Sidekick Examples > ShiftRegister

Example 04: Shift Register (Integrated Circuit)

Learn how to use a shift register to convert serial data to parallel data.

Quick Links: Video \ Hardware \ Intro \ Circuit \ Code \ Challenge \ Troubleshooting

Example Video

Hardware Required

  • TI LaunchPad
  • Breadboard BoosterPack
  • Breadboard
  • Shift Register (SN74HC595)
  • 4x Red LED
  • 4x Green LED
  • 9x Jumper Wires
  • 8x 330 ohm resistor (optional)


Relevant Groundwork

In this example we will use a shift register, a serial to parallel converter, to let us gain more output pins and explore the concept of shifting bits. Bits are the most basic unit of information in electronics. A bit is binary so it contains two values (On/Off, High/Low, 1/0, True/False, etc.). You can link multiple shift registers together to create a large amount of outputs. We will clock data in and then latch it until 8 bits of data have been shifted out.

The shift register is an integrated circuit (IC) which are often called “chips” because of their familiar packaging. You can think of an IC as a much smaller version of a circuit that you could build on your breadboard. ICs help us perform complex analog or digital operations in a small space. That’s how we are able to shrink computers from taking up a whole room to nicely fitting in our pockets and back packs.  Not all ICs are the same, in fact they are all quite different. Some, like the microcontroller on your LaunchPad, are very capable and complex, while others like your shift register are relatively simple. One IC might cost a few dollars while another might cost a few cents depending on what functions they can do.

This shift register is very good because it has a DIP package, which means it is breadboard friendly! You can plug in the legs directly to your breadboard along the spine.  If you look for ICs to add to your collection later, make sure they are DIP if you want to use them easily with your breadboard.

How do we know how the shift register works?  We will use an important guide called a datasheet. A datasheet is provided by the manufacturer of the component. It is the instruction manual. For this shift register SN74HC595, the manufacturer is Texas Instruments and the datasheet is here:  You can find datasheets on the product page of most electronic components. If you can’t find it, search around using the part number and “datasheet” keyword.

Your LaunchPad also has a datasheet for the processor that is on board. If you want to learn a lot about how your LaunchPad works, you can study the datasheet!  Electrical Engineers need to study datasheets for their components so they can build systems correctly.  With Energia, we get spoiled because we don’t always have to read a datasheet to get things working quickly. This is convenient but proper engineering requires knowledge of every aspect of your system, so datasheet knowledge is a must.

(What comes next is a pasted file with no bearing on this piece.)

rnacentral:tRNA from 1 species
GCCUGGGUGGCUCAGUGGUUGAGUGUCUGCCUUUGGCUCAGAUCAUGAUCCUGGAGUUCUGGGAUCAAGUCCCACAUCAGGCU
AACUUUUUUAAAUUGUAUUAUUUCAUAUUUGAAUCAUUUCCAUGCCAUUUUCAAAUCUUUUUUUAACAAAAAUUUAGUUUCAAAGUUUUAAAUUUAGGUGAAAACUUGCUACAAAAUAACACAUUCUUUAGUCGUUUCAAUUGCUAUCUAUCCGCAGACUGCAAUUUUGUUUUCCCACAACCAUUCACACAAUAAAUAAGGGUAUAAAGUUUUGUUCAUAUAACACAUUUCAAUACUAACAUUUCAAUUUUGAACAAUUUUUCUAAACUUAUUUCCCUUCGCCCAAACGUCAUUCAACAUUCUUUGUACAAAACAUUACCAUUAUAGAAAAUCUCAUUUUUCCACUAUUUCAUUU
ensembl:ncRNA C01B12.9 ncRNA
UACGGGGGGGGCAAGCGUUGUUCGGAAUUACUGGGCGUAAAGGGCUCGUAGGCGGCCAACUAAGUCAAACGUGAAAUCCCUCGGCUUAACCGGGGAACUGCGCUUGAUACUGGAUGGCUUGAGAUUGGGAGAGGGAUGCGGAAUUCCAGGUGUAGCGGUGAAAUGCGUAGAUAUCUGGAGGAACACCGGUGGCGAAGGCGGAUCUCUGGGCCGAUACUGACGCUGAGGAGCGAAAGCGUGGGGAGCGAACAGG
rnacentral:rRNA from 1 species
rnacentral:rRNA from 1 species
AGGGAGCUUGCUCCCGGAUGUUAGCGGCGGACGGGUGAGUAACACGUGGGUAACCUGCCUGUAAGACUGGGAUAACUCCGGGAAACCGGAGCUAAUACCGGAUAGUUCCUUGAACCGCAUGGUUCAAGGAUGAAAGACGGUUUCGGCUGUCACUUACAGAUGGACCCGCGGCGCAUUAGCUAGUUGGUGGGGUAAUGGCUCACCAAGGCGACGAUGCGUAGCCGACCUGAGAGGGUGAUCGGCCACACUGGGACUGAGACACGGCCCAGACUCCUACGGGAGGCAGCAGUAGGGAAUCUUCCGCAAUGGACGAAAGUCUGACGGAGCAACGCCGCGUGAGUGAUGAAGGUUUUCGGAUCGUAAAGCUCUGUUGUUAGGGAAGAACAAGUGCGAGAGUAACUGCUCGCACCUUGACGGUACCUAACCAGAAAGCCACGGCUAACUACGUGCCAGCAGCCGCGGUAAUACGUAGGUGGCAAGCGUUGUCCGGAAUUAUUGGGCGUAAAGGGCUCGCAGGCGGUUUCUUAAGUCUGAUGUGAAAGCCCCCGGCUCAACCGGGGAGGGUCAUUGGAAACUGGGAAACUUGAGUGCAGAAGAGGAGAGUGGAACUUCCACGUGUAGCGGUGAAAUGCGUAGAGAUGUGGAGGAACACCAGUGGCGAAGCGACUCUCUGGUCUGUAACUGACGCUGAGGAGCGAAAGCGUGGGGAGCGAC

In this example we will make a binary counter using LEDs. The code will let us count up to 256 in binary. Search the internet and learn more about binary counting if it doesn’t make sense how the LEDs are lighting up.

Circuit & Schematic

With Breadboard BoosterPack


With LaunchPad



  Example 04: Shift Register (Integrated Circuit)
  Sidekick Basic Kit for TI LaunchPad
  Use a shift register to control multiple LEDs with less pins
  SN74HC595: 8-Bit Serial-In, Parallel-Out Shift
  Hardware Required:
  * TI LaunchPad
  * Breadboard BoosterPack
  * Breadboard
  * Shift Register (SN74HC595)
  * 8x LEDs (Green and Red)
  * 10x Jumper wires
  * 8x 330 ohm resistor (optional)
  This example code is in the public domain.

// The SN74HC595 works with a protocol called SPI (Serial Peripheral 
// Interface) that uses 3 pins: data, latch, and clock. 
int data = 11; // connect data of shift register to pin 11 or LaunchPad
int latch = 12; // connect latch of shift register to pin 12 of LaunchPad
int clock = 13; // connect clock of shift register to pin 13 of LaunchPad

/* Connect the pins of the shift register accordingly
   pin 1: LED2   pin 16: VCC
   pin 2: LED3   pin 15: LED1
   pin 3: LED4   pin 14: data
   pin 4: LED5   pin 13: GND
   pin 5: LED6   pin 12: latch
   pin 6: LED7   pin 11: clock
   pin 7: LED8   pin 10: VCC
   pin 8: GND    pin  9: 
/* In the setup function we will set our data, clock, and latch pins 
 * to output. That's all we need to do at setup. 
void setup()
  pinMode(data, OUTPUT);
  pinMode(latch, OUTPUT);  
  pinMode(clock, OUTPUT);